The Doha Declaration on the TRIPS Agreement and Public Health: Lighting a Dark Corner at the WTO
Frederick M. Abbott
Florida State University - College of Law
March 31, 2002
Journal of International Economic Law, Vol. 5, p. 469, 2002
The adoption by Ministers on 14 November 2001, in Doha, of the Ministerial Declaration on the TRIPS Agreement and Public Health marked a turning point in political and legal relations at the WTO. Developing country Members sent a clear signal that they would take steps to protect and advance their essential interests. These Members demonstrated that by establishing a coalition, and maintaining it throughout a negotiating process, they could prevent themselves from being outmaneuvered by the EU-US block.
The essence of the Declaration is captured in paragraph 4:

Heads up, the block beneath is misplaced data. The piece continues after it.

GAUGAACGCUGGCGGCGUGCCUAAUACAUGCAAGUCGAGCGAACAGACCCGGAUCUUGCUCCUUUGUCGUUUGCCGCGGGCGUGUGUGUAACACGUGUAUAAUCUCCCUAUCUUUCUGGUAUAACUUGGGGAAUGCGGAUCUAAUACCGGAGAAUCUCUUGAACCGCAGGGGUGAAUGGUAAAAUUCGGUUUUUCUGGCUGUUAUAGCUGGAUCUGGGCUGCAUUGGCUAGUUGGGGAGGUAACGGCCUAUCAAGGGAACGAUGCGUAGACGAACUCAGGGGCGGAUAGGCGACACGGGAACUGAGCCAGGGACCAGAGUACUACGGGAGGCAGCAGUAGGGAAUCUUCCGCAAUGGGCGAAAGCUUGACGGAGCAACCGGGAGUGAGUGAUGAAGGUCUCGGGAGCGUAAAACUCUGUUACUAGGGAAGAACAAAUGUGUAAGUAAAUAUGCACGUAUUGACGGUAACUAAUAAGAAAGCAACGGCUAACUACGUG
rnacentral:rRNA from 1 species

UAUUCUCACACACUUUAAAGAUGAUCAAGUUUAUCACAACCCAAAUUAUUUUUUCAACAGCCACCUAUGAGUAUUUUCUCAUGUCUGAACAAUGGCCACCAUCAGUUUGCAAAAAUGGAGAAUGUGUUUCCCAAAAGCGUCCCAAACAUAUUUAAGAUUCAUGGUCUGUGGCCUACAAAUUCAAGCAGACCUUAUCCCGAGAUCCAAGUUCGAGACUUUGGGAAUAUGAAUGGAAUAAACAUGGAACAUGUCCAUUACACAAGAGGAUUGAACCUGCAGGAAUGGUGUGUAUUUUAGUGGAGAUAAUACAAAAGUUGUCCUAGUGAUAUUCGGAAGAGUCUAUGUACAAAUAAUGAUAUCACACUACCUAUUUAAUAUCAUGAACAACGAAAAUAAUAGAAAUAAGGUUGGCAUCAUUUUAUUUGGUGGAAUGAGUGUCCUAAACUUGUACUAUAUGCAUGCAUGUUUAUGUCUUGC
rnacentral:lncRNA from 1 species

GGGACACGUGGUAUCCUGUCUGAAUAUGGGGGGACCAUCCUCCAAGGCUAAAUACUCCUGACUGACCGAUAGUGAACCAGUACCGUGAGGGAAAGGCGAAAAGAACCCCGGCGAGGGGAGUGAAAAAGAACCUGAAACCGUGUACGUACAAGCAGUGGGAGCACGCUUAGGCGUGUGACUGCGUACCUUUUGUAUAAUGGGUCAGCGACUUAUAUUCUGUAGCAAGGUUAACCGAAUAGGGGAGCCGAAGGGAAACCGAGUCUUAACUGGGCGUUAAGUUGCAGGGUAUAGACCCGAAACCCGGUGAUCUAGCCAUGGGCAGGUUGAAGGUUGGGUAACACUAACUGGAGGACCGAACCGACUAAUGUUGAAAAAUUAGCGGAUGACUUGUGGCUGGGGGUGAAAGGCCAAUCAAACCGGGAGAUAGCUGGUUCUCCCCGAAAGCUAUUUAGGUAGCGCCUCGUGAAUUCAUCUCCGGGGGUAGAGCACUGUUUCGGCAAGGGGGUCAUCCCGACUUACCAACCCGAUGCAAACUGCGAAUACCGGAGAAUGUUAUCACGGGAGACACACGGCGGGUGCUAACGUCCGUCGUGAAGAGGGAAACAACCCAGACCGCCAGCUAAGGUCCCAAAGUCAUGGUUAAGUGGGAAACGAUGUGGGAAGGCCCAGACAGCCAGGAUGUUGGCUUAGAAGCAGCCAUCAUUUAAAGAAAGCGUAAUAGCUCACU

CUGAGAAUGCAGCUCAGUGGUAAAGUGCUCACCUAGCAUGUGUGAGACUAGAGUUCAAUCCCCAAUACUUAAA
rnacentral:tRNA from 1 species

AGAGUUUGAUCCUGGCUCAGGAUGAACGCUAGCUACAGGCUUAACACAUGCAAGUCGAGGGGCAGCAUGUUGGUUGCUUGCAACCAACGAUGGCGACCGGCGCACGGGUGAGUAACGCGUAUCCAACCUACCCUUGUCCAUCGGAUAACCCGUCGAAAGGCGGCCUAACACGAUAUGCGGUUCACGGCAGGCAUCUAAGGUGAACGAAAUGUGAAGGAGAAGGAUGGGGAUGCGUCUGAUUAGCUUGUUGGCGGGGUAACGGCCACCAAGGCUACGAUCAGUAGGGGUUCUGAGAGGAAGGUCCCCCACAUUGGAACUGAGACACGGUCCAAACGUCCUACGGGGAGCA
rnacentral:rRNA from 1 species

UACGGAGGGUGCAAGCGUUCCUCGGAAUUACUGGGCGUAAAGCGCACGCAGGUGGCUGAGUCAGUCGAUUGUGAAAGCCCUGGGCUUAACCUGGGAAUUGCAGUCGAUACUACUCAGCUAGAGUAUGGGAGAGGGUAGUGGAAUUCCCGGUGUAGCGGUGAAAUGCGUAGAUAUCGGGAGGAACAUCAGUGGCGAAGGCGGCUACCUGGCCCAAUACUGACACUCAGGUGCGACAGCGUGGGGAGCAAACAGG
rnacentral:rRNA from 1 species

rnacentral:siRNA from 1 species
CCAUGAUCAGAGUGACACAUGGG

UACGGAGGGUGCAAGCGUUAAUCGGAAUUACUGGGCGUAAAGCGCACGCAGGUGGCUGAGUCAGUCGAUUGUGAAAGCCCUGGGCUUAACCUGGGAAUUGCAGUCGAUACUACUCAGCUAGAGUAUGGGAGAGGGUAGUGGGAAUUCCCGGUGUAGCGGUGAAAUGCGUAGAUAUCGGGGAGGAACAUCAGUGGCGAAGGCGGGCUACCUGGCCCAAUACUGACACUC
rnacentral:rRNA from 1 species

"We agree that the TRIPS Agreement does not and should not prevent Members from taking measures to protect public health. Accordingly, while reiterating our commitment to the TRIPS Agreement, we affirm that the Agreement can and should be interpreted and implemented in a manner supportive of WTO Members’ right to protect public health and, in particular, to promote access to medicines for all."
The TRIPS Agreement is a flexible legal instrument, and the decision of Ministers will prove significant in supporting interpretations that promote the protection of public health. While the Declaration does not resolve developing country concerns regarding access to medicines and TRIPS, it is a significant milestone.
Number of Pages in PDF File: 37
Keywords: WTO, TRIPS Agreement, Access to Medicines
JEL Classification: I18, O34, F10Accepted Paper Series
Date posted: October 25, 2009
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